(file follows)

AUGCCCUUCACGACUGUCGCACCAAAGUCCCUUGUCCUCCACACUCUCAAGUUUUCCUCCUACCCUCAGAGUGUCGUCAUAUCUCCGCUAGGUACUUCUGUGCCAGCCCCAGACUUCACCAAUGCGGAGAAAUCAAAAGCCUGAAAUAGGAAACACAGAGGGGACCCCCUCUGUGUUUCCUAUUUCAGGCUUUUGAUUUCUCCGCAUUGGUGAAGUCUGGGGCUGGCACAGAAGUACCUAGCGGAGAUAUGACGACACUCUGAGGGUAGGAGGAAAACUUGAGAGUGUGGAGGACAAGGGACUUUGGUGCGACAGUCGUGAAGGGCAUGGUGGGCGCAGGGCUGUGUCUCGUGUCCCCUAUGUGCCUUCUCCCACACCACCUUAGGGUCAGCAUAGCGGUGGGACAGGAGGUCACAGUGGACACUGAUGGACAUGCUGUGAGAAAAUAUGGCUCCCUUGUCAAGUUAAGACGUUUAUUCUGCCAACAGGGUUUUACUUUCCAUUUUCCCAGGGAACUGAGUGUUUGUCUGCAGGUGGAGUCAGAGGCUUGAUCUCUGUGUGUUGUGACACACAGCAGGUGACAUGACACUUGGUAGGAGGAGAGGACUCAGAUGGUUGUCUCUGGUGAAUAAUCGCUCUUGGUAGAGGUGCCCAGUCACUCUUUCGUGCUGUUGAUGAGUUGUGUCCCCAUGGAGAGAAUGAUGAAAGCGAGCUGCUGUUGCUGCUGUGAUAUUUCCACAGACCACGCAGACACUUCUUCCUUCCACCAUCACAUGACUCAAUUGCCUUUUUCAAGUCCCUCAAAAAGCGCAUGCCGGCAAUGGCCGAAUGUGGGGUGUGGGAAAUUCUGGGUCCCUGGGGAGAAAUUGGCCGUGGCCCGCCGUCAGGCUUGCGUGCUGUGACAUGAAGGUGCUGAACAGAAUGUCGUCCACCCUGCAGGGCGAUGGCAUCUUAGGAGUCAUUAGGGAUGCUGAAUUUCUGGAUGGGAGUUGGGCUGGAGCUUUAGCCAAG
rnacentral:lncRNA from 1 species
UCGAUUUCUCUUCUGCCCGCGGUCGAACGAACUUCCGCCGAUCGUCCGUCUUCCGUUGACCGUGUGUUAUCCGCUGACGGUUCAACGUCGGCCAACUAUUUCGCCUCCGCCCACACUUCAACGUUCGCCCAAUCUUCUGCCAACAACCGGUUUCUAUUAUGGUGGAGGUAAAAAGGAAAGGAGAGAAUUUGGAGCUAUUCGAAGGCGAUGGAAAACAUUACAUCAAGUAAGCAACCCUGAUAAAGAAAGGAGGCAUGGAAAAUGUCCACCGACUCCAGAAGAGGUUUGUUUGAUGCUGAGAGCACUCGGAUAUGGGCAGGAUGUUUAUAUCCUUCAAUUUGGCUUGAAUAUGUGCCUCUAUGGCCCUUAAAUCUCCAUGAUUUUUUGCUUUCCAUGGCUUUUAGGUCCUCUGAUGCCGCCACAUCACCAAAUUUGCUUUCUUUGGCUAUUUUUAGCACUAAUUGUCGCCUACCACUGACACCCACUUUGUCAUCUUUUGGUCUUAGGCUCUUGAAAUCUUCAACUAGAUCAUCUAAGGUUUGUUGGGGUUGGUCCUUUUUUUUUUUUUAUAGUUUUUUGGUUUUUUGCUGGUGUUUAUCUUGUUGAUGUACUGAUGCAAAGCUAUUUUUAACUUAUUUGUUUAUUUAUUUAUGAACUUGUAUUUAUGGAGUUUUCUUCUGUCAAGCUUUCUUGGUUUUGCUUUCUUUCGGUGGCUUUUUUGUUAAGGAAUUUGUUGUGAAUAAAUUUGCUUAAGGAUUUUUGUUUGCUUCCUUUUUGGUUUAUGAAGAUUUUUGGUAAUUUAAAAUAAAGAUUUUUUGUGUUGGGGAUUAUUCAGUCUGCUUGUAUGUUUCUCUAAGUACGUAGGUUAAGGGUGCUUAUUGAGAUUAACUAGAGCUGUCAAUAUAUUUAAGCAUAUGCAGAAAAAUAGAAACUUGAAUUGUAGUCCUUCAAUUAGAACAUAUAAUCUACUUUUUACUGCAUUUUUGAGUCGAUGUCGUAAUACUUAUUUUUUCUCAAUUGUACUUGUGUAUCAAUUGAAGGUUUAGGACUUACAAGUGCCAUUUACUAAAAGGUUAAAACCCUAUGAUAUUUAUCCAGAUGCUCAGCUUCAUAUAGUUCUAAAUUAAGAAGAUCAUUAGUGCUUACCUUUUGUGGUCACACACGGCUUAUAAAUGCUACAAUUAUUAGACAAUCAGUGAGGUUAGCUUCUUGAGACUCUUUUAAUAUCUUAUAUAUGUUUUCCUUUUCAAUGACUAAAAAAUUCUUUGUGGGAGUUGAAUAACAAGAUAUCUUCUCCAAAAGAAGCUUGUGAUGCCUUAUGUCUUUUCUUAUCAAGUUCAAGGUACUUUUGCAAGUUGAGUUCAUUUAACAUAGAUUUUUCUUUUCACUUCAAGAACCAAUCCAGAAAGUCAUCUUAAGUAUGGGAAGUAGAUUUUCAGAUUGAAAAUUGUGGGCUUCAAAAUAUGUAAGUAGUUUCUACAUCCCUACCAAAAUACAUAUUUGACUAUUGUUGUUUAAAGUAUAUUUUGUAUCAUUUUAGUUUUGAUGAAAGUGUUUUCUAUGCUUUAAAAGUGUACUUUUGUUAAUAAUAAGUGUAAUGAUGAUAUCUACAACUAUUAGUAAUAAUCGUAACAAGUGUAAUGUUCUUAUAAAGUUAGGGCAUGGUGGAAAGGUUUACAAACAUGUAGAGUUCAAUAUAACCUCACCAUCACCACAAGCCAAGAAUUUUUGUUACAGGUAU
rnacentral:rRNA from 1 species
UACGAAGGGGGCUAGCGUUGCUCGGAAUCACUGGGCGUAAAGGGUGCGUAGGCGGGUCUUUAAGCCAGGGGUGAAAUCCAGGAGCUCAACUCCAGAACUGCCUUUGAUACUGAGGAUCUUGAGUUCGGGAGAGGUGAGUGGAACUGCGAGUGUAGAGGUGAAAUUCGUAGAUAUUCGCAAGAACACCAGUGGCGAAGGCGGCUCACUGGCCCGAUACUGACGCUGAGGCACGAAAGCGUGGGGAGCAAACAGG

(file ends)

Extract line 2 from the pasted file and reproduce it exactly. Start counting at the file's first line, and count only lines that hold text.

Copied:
rnacentral:lncRNA from 1 species